Overnight, two reporters were arrested while covering the civil unrest ongoing in Ferguson, Missouri, which have exploded as a result of the shooting death of 18-year-old Michael Brown during an altercation with police.
These reporters’ account of their detention, the only account available as police have failed to explain why those reporters were physically bound and detained, suggests that the police were responding in a heavy-handed and unprovoked fashion.
Some appear to disagree. Take MSNBC host Joe Scarborough, for example.
“When the cops tell you for like the 30th time ‘Let’s go, you know what that means son? It means, ‘Let’s go,’” Scarborough said of a hypothetical in which his reporter son was involved in this same scenario.
“I’ve been in places where police officers said, ‘Alright, you know what? This place is cordoned off, you guys need to move along,’” he continued. “And you know what I do? I go, ‘Yes, sir.’ Or ‘Yes, ma’am.’”
“I don’t sit there and have a debate and film the police officer, unless I want to get on TV and have people talk about me the next day,” Scarborough concluded.
Well, one of those detained reporters, The Washington Post’s Wesley Lowery, did not take kindly to Scarborough’s commentary. When asked about the MSNBC host’s comments on CNN, Lowery did not mince words.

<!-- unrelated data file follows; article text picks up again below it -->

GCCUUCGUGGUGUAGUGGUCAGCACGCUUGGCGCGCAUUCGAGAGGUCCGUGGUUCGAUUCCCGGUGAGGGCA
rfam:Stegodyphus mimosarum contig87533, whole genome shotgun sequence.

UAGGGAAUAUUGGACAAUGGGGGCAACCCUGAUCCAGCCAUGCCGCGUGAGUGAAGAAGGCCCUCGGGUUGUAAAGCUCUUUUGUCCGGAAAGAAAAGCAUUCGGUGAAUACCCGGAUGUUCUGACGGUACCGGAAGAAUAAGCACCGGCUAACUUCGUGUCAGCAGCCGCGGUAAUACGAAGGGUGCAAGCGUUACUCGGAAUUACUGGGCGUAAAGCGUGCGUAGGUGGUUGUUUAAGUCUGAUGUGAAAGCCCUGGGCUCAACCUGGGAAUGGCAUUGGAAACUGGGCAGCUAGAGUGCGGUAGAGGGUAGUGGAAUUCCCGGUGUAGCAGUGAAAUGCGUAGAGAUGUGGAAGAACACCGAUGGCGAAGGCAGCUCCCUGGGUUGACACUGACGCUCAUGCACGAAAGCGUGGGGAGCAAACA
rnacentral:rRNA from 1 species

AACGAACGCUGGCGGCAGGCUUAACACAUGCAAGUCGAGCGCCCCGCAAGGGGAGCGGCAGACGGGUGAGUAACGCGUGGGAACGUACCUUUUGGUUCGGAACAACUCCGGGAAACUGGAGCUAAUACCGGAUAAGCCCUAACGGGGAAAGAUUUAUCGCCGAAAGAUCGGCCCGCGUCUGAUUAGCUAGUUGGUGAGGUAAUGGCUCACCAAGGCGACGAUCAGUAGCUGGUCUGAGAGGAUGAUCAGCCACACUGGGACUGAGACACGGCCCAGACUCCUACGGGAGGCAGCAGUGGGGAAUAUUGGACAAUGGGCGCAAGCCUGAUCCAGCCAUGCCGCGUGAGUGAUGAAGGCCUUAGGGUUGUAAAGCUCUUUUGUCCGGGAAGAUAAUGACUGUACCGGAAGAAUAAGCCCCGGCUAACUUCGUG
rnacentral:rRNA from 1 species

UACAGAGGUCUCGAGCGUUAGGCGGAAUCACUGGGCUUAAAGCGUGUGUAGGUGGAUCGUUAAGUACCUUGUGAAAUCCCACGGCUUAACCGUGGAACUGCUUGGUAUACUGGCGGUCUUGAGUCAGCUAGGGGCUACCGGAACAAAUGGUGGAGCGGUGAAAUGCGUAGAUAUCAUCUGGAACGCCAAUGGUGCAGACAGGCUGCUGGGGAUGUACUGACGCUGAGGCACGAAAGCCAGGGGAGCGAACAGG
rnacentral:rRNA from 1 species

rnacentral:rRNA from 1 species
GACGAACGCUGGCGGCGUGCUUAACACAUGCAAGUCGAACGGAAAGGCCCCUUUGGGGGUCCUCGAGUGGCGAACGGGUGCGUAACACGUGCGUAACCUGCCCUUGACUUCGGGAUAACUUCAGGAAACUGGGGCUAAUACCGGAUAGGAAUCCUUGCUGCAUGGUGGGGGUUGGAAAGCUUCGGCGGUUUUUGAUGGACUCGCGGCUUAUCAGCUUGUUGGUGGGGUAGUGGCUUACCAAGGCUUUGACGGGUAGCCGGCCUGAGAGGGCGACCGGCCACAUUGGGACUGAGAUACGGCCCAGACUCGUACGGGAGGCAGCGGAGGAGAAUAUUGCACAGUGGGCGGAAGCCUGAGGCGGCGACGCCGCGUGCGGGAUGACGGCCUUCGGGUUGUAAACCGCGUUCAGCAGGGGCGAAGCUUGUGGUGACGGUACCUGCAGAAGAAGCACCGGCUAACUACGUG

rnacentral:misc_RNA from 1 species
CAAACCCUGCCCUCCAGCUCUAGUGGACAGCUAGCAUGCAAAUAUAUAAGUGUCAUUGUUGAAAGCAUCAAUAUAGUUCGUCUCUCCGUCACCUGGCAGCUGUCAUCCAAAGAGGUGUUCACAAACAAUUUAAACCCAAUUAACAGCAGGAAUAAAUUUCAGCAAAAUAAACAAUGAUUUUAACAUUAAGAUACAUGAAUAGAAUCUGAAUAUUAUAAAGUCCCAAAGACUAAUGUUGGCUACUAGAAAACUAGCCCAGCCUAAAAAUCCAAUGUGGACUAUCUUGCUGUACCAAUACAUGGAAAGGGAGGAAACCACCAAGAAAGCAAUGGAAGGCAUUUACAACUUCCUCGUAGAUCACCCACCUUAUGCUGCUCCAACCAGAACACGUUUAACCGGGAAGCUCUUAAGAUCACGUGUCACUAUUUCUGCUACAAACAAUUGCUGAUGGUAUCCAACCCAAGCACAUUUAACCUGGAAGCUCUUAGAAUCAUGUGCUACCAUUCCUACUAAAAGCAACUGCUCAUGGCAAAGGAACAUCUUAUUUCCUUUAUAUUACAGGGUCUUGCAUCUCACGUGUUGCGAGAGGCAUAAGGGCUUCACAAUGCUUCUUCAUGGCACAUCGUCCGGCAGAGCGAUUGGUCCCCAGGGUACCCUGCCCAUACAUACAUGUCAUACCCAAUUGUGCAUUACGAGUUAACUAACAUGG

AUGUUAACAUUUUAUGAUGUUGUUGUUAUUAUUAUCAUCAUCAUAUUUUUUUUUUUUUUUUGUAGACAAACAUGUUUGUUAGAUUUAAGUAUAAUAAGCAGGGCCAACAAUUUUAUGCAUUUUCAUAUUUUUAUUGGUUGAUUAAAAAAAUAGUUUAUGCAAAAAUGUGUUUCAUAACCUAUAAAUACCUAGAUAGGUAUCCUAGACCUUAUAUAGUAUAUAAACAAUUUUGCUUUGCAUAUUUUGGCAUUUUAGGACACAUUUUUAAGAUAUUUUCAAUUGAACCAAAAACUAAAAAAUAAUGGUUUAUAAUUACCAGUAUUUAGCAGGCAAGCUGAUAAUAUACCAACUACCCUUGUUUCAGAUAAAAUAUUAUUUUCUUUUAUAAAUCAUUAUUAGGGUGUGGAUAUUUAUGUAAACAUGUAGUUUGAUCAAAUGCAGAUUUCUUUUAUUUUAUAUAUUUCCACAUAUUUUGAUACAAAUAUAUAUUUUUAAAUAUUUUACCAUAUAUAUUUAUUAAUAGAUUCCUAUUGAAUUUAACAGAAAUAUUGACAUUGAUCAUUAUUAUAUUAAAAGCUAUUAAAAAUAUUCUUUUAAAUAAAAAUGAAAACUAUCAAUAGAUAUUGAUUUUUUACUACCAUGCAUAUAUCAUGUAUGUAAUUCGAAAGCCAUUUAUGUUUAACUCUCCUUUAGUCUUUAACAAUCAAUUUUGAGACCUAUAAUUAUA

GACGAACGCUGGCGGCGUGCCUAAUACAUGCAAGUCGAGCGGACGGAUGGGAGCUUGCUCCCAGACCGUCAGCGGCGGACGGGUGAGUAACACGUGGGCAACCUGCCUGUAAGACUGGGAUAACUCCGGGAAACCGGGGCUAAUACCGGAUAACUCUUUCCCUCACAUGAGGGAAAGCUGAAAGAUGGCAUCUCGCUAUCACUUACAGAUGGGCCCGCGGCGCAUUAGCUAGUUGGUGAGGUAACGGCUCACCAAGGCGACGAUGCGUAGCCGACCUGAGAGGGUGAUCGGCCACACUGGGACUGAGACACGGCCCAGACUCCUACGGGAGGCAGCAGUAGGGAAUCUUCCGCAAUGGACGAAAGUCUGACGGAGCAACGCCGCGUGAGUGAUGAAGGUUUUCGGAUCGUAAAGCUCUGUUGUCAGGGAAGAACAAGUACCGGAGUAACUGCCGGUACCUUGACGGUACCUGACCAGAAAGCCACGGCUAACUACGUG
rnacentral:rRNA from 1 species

“I would invite Joe Scarborough to come down to Ferguson and get out of 30 Rock where he’s sipping his Starbucks, smugly,” Lowery said. “I would invite Joe Scarborough down here to do some reporting on the ground and then maybe we can have an educated conversation about what’s happening here.”
“I have little patience for talking heads,” he continued. “This is too important. This is a community – a community in the United States of America – where things are on fire. They are on fire. This community is on edge.”
Lowery said he had no regrets about his actions, and reserved his only regrets for the actions of the police that night.
Scarborough is not wrong: An investigation into this incident is what is called for, not rioting when police won’t surrender Brown’s shooter to a crowd to face mob justice. Lowery is also correct: The police do seem to have used undue force and detained reporters who were merely performing their constitutionally protected roles.
There is merit to both Scarborough and Lowery’s arguments, and a debate over how appropriate the actions of the police in Ferguson have been is due. It is a conversation this country will engage in over the coming days.